Monthly Archives: February 2016

Happy Georgeday

George Harrison would have been 73 years old today. It’s hard to believe he’s been gone for so long, particularly when I think about all the things that have happened over the past dozen years, things that George would have especially enjoyed. I’m thinking particularly of the Monty Python reunion in 2014; George would have been in it up to his eyebrows.
Although I admittedly didn’t get to spend much time with him, I can’t emphasize too much what a great person he was. I’ve often thought that if he hadn’t been so ridiculously famous, we could have gotten to be close friends. Not that fame was something he ever seemed comfortable with–just the opposite–but it was something he simply couldn’t help.
I wasn’t around when this picture was taken (I think I was in a car to the Tunis airport at the time), though I got to hang with him the previous night. But it was great to see him looking so comfortable and relaxed spending time with the Pythons, in a place where he couldn’t be further from the spotlight, and I always felt privileged to get to see him that way. Happy birthday George. You are missed.
#georgeharrison #montypython @georgeharrison @montypythonimage


When people ask me what I teach in my Python writing classes, I sometimes have trouble explaining. After all, not only is it difficult to teach someone to write like Cleese and Chapman, or Palin and Jones, or Eric Idle, or Terry Gilliam, it’s also a little redundant. John, Terry, Eric, Terry and Michael have mastered that skill very well. (Graham–well, his output in recent years has…slowed.)

But what I DO teach in my Python Process writing classes is the Python approach to writing, and how to take what we know about their style, technique, and approach and apply it to our own writing. In other words, even if you try to write a John Cleese sketch, it’s going to be completely unique, because it’s John Cleese filtered through your own brain, and your own unique experiences.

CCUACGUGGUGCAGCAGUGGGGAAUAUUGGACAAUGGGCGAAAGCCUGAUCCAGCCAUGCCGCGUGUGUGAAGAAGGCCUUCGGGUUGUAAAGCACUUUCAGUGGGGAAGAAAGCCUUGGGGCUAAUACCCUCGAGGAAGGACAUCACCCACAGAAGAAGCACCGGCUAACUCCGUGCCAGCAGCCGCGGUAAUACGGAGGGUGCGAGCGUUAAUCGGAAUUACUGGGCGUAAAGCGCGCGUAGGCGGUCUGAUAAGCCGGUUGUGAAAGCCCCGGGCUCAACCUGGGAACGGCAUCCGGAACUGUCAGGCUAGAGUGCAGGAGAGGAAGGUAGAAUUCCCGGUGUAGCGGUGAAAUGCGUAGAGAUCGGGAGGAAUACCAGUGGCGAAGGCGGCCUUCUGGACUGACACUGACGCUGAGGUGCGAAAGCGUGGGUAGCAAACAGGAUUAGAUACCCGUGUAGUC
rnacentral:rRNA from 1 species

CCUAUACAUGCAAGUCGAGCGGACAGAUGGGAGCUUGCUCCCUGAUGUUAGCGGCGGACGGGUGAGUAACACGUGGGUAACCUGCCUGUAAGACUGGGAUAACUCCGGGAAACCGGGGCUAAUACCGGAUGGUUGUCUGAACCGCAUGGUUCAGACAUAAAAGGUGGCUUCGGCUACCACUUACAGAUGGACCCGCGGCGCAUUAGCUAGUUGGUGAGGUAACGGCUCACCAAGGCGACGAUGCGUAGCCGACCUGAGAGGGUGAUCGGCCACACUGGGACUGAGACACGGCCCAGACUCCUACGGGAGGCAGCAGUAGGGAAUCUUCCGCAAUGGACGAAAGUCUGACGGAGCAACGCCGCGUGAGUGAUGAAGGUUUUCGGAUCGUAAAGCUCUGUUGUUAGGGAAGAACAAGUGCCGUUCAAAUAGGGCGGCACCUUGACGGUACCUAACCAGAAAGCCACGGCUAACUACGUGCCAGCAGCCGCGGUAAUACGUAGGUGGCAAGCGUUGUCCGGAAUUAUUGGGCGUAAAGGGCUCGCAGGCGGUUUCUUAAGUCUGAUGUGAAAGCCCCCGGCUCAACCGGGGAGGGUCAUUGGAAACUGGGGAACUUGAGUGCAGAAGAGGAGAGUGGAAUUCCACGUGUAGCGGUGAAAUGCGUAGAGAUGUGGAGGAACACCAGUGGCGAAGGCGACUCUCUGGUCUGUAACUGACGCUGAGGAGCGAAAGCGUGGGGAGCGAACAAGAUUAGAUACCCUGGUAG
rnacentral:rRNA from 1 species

Want to see what I mean? We had a very successful staged reading recently, and you can have a look for yourself right here…

@montypython @ioimprov @johncleese @PythonJones #improv #montypython

More Python Classes

Graham Colonel

I’m sorry I’ve been posting less often lately (most of my posts seem to begin this way), but, among other things, I’ve been devoting a lot of my formerly free time to my Python classes at the iO Chicago. And it’s been a blast. To paraphrase something that Graham Chapman once told me, “I don’t let them know how much fun I’m having or they won’t want to pay me.”
Both sessions are winding up; my writing class, The Python Process, will be wrapping up with a staged reading on February 21 at 7 pm at the Chris Farley Theatre at the iO. This group has been turning out some incredibly funny material, week after week, and the audience is going to have a great time. My improv class, PythonProv, will be performing beginning at 7 pm February 26 in the same space, and this one will be just as funny.
Improvising in the style of @montypython is not the easiest thing in the world, and we may be the first group that’s made a serious attempt at it. And it’s going so well that we’re not going to let it drop after this session ends. And that’s why we’re going to continue on to a second level of PythonProv with the same group.
So why am I telling you all this if you aren’t in the group? Because we’re launching another session of PythonProv Level One classes beginning on Sunday, February 28. I don’t want to tell you how we do it, but I’ll give you one hint: while doing a long form improvisation, we chip away at everything that doesn’t look like #montypython. And it’s working!
If you’re interested, contact the iO Chicago. If you like Monty Python and improvising, you’re going to have a blast.